Thursday, January 24, 2013

Rosepaths on a Winter's Day

Brrrr... The temperature has dropped dramatically here in the last few days. The outside air feels like it is biting, and the house is feeling a bit drafty. So of course, I turn to wanting to weave with some wool...

And what better thing to weave with wool on a cold winter's day, then a bit of Rosepath?

Rosepath is an old Swedish pattern, and one of my favorites.

In truth, it's not just a pattern, but almost an infinite array of patterns, as with simple threading and tie-up, one can create a multitude of different motifs just by changing the treadling. 

Quick refresher: Threading has to do with the order that the yarn is threaded through the different heddles, (heddles hang from the different harnesses, a 4-harness loom has four harnesses, each filled with lots of heddles, which the yarn passes through). Tie-up refers to which foot peddles are tied to which harnesses. Treadling is the sequence in which order you step on which foot peddle, also known as a treadle.

It invites creativity, as even though there are many old and established Rosepath patterns that you can follow, you can also simply play around with pressing on the treadles and be surprised by what patterns appear.

  I was delighted to see these x's and o's forming before my eyes... perfect for Valentine's Day!

You can find these Rosepath in Wool Pincushions for sale in my shop here.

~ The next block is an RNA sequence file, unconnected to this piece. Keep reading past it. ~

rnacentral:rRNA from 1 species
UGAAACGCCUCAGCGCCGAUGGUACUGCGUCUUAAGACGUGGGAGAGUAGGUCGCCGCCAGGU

Have a great day, and stay warm! xo


Nifty Quilts said...

More lovely creations of yours. Stay warm!

Anonymous said...

these are beautiful! and so nicely photographed,too!

Annabella said...

Oh my goodness these are the most beautiful pin cushions I have seen. I love the way they are understated sophistication - just beautiful!

patty a. said...

So beautiful! I am impressed how fast you produce! I always thought weaving took a long time.

Victoria said...

Thanks to each of you :)

Patty, it really depends on what you are weaving and what you are weaving with. (Thick threads go faster then thin!) How many ends per inch you need, how wide a warp you are using, how much yardage you are weaving, and how intricate the pattern is, all play into the time variations.

Sometimes the longest part of weaving is just setting up the loom... measuring the warp, sleying the reed, threading the heddles, tying on the warp ends to the back and front beams, and making sure the tension is tight. The actual weaving, in comparison can often go very quickly!

Kathie said...

beautiful oh how I would love to own one!

Corinnea said...

These are gorgeous.
I wish there were enough time to learn all if the things that interest me! Weaving is at the top of my wish list. I love seeing what you do!

Printingtextil Natasha said...

Interesting stuff on your blog!

Jane said...

So beautiful!